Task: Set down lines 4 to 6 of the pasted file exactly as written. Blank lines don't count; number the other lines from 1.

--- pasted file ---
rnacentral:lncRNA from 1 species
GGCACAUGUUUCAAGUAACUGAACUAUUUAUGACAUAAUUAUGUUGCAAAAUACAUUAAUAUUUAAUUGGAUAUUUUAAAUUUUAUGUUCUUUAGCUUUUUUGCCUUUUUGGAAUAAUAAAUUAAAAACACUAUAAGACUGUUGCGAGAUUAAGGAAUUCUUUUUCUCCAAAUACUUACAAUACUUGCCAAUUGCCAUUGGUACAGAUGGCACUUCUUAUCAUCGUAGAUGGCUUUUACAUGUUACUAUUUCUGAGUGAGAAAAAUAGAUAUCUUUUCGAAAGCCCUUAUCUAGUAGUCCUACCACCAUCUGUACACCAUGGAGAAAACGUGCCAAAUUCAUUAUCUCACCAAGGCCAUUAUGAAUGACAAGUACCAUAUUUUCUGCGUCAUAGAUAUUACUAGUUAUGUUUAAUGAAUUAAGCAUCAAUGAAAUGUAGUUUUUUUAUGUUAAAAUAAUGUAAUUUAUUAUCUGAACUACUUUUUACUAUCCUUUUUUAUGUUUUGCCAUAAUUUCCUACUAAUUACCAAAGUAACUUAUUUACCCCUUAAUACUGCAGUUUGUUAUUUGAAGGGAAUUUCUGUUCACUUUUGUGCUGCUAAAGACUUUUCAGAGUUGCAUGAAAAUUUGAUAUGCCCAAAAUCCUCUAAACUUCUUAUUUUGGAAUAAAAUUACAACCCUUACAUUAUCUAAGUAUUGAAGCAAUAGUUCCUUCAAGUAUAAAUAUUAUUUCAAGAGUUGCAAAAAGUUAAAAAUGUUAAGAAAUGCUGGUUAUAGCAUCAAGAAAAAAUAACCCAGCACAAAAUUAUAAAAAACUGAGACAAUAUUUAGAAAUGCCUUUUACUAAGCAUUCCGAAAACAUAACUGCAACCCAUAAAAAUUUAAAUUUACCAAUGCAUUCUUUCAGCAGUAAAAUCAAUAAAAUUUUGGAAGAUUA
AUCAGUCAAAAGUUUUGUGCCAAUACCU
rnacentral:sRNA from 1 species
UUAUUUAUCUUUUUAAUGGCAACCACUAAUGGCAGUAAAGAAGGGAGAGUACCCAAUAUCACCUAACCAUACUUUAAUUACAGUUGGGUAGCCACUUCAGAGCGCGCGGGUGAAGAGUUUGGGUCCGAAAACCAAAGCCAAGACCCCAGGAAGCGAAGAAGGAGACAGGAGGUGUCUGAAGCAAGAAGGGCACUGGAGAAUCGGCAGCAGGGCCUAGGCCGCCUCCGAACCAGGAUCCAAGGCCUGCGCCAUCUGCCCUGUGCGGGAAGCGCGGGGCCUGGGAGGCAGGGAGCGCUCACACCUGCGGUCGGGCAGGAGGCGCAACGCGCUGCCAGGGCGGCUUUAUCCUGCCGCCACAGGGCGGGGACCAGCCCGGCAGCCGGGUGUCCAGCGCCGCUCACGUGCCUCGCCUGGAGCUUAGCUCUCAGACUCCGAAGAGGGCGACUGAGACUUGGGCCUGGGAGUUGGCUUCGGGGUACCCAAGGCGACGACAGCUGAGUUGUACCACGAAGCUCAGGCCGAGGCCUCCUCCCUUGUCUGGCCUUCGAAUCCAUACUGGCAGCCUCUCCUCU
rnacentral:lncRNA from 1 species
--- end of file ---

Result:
rnacentral:sRNA from 1 species
UUAUUUAUCUUUUUAAUGGCAACCACUAAUGGCAGUAAAGAAGGGAGAGUACCCAAUAUCACCUAACCAUACUUUAAUUACAGUUGGGUAGCCACUUCAGAGCGCGCGGGUGAAGAGUUUGGGUCCGAAAACCAAAGCCAAGACCCCAGGAAGCGAAGAAGGAGACAGGAGGUGUCUGAAGCAAGAAGGGCACUGGAGAAUCGGCAGCAGGGCCUAGGCCGCCUCCGAACCAGGAUCCAAGGCCUGCGCCAUCUGCCCUGUGCGGGAAGCGCGGGGCCUGGGAGGCAGGGAGCGCUCACACCUGCGGUCGGGCAGGAGGCGCAACGCGCUGCCAGGGCGGCUUUAUCCUGCCGCCACAGGGCGGGGACCAGCCCGGCAGCCGGGUGUCCAGCGCCGCUCACGUGCCUCGCCUGGAGCUUAGCUCUCAGACUCCGAAGAGGGCGACUGAGACUUGGGCCUGGGAGUUGGCUUCGGGGUACCCAAGGCGACGACAGCUGAGUUGUACCACGAAGCUCAGGCCGAGGCCUCCUCCCUUGUCUGGCCUUCGAAUCCAUACUGGCAGCCUCUCCUCU
rnacentral:lncRNA from 1 species